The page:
PRAISE FOR VIRTUE, BIG AS SIN:
Frank Osen’s Virtue, Big as Sin offers one witty, elegant poem after another. The rhymes are especially clever, the meter sure, the stanzas well-shaped, but this poet’s sense of proportion is also reflected in wisdom (and what is wisdom but a sense of proportion?). An urbane maker of sparkling phrases like “that genuine Ur of the ersatz,” Osen can also write plainly, movingly, about a young girl’s funeral. And he reflects often on art itself, which he so rightly calls “the conjured awe.”
—Mary Jo Salter (Judge, 2012 Able Muse Book Award)
In his talent for tragedy and comedy, and for mixing them, Osen takes his place in a distinguished line of English-language poets that runs from Chaucer and Shakespeare down to our day.
—Timothy Steele (from the afterword)
Reading Virtue, Big as Sin has left me with the sense of satisfaction and enduring pleasure that really good poetry always produces, even when it also does the rest of what honest writing may do: confirm suspicions about ourselves we wish we could refute, bring to mind aspects of nature we’d rather forget, and deliver alarming news about the future, both public and private. Frank Osen does all of this and much more, all with grace and wit, in language that makes the messenger thoroughly “one of us.”
—Rhina P. Espaillat
Frank Osen’s poems revel in beauty and pleasure, in technical dexterity and high-gloss finish. Readers who care about such things will be abundantly rewarded. But the reveling is haunted by loss, awful possibilities of failure, a nothingness glimpsed beneath the carnival. One of Osen’s avowed tutelary spirits is Wallace Stevens, and his probing of his subjects can often seem like an extended, heart-wrenching commentary on Stevens’s line, “Death is the mother of Beauty.” The fragility of beauty, the omnipresence of death, and the intimate connections between them, are everywhere present in these marvelously heartening and effective poems.
Frank Osen was born in Yokosuka, Japan, in 1954, grew up in Southern California, and is a graduate of the University of California at Berkeley and Loyola Law School in Los Angeles. He worked for many years in law, as general counsel to health care companies and also in real estate investment. He lives in Pasadena, California, and walks to work at the Huntington Library. He and his wife, Susan, have been married for thirty years and have three grown children. Virtue, Big as Sin is his first full-length collection and the winner of the 2012 Able Muse Book Award.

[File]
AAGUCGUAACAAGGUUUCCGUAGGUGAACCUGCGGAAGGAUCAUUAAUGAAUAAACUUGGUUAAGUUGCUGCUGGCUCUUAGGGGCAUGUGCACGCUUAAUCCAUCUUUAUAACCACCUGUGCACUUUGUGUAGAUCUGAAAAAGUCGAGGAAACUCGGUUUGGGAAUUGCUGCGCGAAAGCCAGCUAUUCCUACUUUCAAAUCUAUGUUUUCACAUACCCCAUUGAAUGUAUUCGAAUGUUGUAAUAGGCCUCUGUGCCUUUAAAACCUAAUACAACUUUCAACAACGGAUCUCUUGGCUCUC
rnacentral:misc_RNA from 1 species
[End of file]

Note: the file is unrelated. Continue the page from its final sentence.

PRAISE FOR THE BORROWED WORLD:
In The Borrowed World, Emily Leithauser’s formal mastery—her consummate knack for writing lines and sentences as crisp and elegant as the Edo prints to which she pays homage—entwines with the sheer immediacy and vulnerability of the poet’s voice. Leithauser portrays the inevitability of loss, in romantic and familial relationships, and yet, without ever offering false resolutions or pat conclusions, she manages to make her poems themselves convincing stays against loss. I mean that this book is made to endure. The Borrowed World marks the arrival of a major talent.
—Peter Campion, 2015 Able Muse Book Award judge, author of El Dorado
Emily Leithauser’s first collection, The Borrowed World, is an elegant meditation on inheritance, the vagaries of love and loss, familial relations—with all the devastating implosions within—and our relationship to the past filtered through the flawed lens of memory. These are deeply felt poems and Leithauser has a finely-tuned ear for the lyricism of syntax and the enduring rhythms of traditional forms. The Borrowed World is her stunning debut.
—Natasha Trethewey, 2012–2014 US Poet Laureate, author of Thrall
If her intensely accurate perceptions of the physical world and the beautiful forms in which she sets those perceptions were all that Emily Leithauser gave us in these poems, they would be more than enough to satisfy the hungriest poetry reader. But step by perspicuous step, in poem after poem, she enlarges and encompasses, she broadens and deepens and transmutes perception into feeling, feeling into thought, and thought into revelation.
—Vijay Seshadri, winner of the Pulitzer Prize, author of 3 Sections
Love poems, family poems, narrative poems: The Borrowed World is a moving and memorable debut which covers a lot of ground but is always rooted in actualities. The poems are very well-made, too, but their equally great distinction is to be well-felt—subtle in their account of the observing “I,” and simultaneously generous and shrewd in their understanding of others. Page by page, they create a series of powerful cameos; taken as a whole, their larger purpose emerges: to register what can be known and (especially) not known about our lives as individuals, and to value what time allows us to enjoy on earth, while admitting the brevity of our stay here.
—Andrew Motion, 1999–2009 UK Poet Laureate, author of The Customs House
I have read The Borrowed World several times, and each time I find more in it to be delighted and touched by. Emily Leithauser’s art waits for you, and I am sure that you will be as pleased and moved by it as I have been.
—Michael Palma (from the foreword), author of Begin in Gladness